July 02 – Packed Prayers

“And this I pray, that your love may abound still more and more in real knowledge and all discernment, so that you may approve the things that are excellent, in order to be sincere and blameless until the day of Christ; having been filled with the fruit of righteousness which comes through Jesus Christ, to the glory and praise of God.” – Philippians 1:9-11(NASB)

Paul wrote letters to the churches he helped start and in them he scribed some awesome promised packed prayers. This verse today is one and it is so full we can’t cover it all. But we focus in on the first requests in Paul’s prayer; ‘love may abound,’ ‘in real knowledge,’ and ‘all discernment. The word for ‘knowledge’ describes genuine, full or advanced knowledge. Our practical application of knowledge out of moral and spiritual perceptive is the exercise of discernment. This is our ability in love to distinguish between right and wrong. Paul prayed the Philippians’ love for other believers would abound still more and more and, run over as a cup or a river overflows. The Philippians were already known as a loving assembly of believers and the apostle prays that it would increase. The result would be advanced knowledge and spiritual sensitivity and discernment in their lives. Why does he pray this for the Philippians? So that they would be filled with the fruit of righteousness through Jesus Christ, to His glory and praise of God. Lest we forget, also that we would be able to stand blameless until the Day of Christ.


December 22 –Through All Our Days

“To grant us that we, being rescued from the hand of our enemies, Might serve Him without fear, In holiness and righteousness before Him all our days.” Luke 1:74-75 (NASB)

The singing at Christmas time reminds us of the great things God has given us through His Son Jesus. This is in line with the songs recorded in our Bible before Jesus was born as well as when He was born. We look today at a song which Zechariah, the father of John the Baptist sang when his son John was born. A few days ago we looked at a portion of Mary’s song, The Magnificat. Today we select a passage from the prophecy by sung by, Zechariah. This, of course was just six months before Jesus was born. Our verses for today remind us about what God was doing in sending His Son to earth. Jesus came to earth to serve God in holiness and righteousness. He came to help us live pleasing to God through all our days. Jesus came to be our Savior to make our lives different so that we will bring glory and honor to God the Father and Jesus our Savior, God the Son. If He is your Savior, my Friend, He will help you live today in a way that pleases God. That is a promise.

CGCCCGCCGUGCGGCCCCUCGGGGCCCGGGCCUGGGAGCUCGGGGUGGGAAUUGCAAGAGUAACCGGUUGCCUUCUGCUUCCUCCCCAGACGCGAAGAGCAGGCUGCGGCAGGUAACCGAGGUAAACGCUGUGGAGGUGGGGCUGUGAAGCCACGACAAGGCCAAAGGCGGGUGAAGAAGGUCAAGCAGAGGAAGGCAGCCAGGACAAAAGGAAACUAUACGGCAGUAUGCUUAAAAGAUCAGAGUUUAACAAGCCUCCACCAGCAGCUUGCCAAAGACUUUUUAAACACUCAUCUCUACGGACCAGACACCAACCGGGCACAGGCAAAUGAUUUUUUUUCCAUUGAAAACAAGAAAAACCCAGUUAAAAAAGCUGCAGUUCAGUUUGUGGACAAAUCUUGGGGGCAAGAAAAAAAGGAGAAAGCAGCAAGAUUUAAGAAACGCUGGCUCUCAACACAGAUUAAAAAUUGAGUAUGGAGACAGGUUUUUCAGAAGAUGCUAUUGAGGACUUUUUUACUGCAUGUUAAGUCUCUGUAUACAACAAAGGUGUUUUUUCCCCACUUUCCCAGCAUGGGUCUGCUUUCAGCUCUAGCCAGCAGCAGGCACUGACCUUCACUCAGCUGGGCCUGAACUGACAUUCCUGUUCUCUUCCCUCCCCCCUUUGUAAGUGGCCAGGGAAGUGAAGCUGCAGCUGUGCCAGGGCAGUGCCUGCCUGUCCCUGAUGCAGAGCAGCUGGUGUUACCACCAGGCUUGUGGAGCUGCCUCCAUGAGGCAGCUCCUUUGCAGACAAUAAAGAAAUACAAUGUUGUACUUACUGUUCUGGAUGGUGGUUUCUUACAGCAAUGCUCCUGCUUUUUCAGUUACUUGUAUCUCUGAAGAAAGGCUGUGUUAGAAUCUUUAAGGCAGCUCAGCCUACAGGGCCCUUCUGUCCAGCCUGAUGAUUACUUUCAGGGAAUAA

December 11 – Walking Close

“Only in the LORD, it shall be said of me, are righteousness and strength; to him shall come and be ashamed all who were incensed against him.” Isaiah 45:24 (ESV)

Today’s verse is an example of God giving to His prophet the very words that He wanted written down and delivered to His people. This is why it is correct to call the Bible the Word of God. We know that its teachings come from our creator. Sometimes God gave his prophets the words to say in various methods. One of those methods was to instruct the prophet to copy verbatim His words and deliver them as a message in God’s words. In this instance Isaiah received the Word of God directly from God. God predicted here what people would say about Him. If we are walking close to the Lord in our Christian life we can say what God predicted we would say. Yes, as we walk with the Lord we find that He is the source of our ability to live right. We find His righteousness keeps us in the straight way. It is how we find strengths that we need to do what we’ve been given to do. Walking close to the source of the promised strength, let’s commit to doing that today.